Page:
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Yorkshire Pudding

(23 Posts)
Gmittens Sun 07-Feb-16 10:15:04

Does anyone have a recipe for Yorkshire pudding that works? We have tried many recipes over the years, but can never guarantee that we can produce a decent one - help!!

miep Sun 07-Feb-16 10:41:52

Find 2 identical containers, such as glass ramekins, or even glasses. Break two eggs into one of them. Fill the other to EXACTLY the same level with plain flour. Tip the flour into a bowl. Now fill the same glass to EXACTLY the same level as the eggs. Tip eggs and milk in with flour and beat well. Put in fridge minimum 30 mins. Heat fat in little tins to smoking point (200°) then tip in batter, pouring it from a jug if easier. Cook 15m fan oven 18m ordinary oven. Note:YP never comes out well it it's stormy!

jinglbellsfrocks Sun 07-Feb-16 10:57:18

2 eggs. 8 oz plain flour. Pint skimmed milk. Pinch salt.

Bung it all in liquidiser for half a minute. Place silicone bun tray on baking sheet. Add teaspoon rapeseed oil to each 'cup'. Hot up well. Pour in batter, each one about three quarters full. Bake 220 degrees till done.

Have left over batter next day as pancakes. Preferably when husband is out so you don't have to share. HTH

jinglbellsfrocks Sun 07-Feb-16 10:59:33

And you can more egg if you like. If they don't seem to be rising and the family have arrived, turn up oven heat to 250.

jinglbellsfrocks Sun 07-Feb-16 11:00:27

you can add more eggs (should have read)

Gmittens Sun 07-Feb-16 11:30:19

Thank you Miep for your interesting recipe, I will certainly try this one. I'm intrigued though to know it doesn't work if stormy, I wonder what the reason is for that?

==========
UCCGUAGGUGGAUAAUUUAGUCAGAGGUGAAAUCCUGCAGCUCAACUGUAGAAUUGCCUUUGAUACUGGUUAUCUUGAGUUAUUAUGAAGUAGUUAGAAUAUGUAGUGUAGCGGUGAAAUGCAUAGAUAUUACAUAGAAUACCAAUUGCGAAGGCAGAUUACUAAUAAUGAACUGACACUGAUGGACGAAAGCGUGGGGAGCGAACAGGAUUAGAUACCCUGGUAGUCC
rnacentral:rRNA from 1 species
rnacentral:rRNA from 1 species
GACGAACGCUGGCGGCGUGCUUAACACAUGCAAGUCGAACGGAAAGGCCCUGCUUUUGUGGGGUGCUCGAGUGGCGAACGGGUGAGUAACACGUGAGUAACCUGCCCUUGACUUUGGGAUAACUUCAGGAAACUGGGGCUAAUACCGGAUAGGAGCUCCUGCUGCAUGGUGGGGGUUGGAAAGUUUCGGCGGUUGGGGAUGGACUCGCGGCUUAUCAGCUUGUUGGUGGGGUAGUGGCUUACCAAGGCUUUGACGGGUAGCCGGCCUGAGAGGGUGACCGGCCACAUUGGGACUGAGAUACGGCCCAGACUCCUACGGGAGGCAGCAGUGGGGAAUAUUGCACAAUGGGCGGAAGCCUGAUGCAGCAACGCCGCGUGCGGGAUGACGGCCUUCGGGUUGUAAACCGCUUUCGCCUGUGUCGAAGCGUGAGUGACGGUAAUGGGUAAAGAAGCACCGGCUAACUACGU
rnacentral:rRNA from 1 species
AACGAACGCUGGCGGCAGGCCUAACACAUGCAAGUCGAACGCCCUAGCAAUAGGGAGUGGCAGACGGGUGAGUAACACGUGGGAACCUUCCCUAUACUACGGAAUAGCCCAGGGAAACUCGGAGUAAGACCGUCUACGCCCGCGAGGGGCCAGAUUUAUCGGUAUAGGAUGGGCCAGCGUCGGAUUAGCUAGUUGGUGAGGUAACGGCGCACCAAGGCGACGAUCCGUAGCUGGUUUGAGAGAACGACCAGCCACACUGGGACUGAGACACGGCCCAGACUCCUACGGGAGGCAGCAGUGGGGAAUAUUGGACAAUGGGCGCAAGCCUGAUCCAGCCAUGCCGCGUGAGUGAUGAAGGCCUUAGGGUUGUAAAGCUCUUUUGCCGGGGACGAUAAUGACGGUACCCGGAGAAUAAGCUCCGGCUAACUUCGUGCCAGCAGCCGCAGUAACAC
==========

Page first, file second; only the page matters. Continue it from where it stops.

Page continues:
Thank you jinglbellsfrocks, the ingredients are similar to those I've tried, but have not liquidised - perhaps that's the secret.

jusnoneed Sun 07-Feb-16 11:51:11

I use to the two identical container method, saw chef Brian Turner do it years ago, and as long as you remember to use plain flour and not self raising (as you would think it should be) they turn out great every time. I use one egg and that makes half a dozen good sized puds.

rubysong Sun 07-Feb-16 12:05:20

I agree about silicone bun 'tins' stood on a metal tray but have found it is not necessary to heat them up first, just rub with a drop of oil on kitchen roll, pour in the mixture and put them in the oven. They don't stick!

yousuf0198 Wed 10-Feb-16 06:00:20

Message deleted by Gransnet for breaking our forum guidelines. Replies may also be deleted.

miep Wed 10-Feb-16 08:26:29

I saw Brian Turner do it too!

ninathenana Wed 10-Feb-16 11:47:18

I only ever make mine by eye.
8oz plain flour 2 eggs pinch salt and half milk half water beaten in with a fork until consistency looks right leave to stand for minimum 30 mins at room temp. Fill each 'hole' (I use one with four large holes) about 1/5th with veg oil and heat oil at 220c until very hot, give the mix a final beat and pour equally into "holes" cook until golden brown.

Nonnie1 Wed 10-Feb-16 11:49:41

try this one as given to me by a chef and it sounds OTT but it works !

I cup of eggs (shelled)
1 cup of flour
1 cup of milk

Beat all together any which way you like.

the puddings will burst out of the oven !


jinglbellsfrocks Wed 10-Feb-16 12:47:11

I wonder if I dare try that on my GS1. Yorkshire puds - six of them - and a tiny bit of meat is all he will eat of a Sunday roast. That recipe would be very nourishing.Does it taste eggy at all?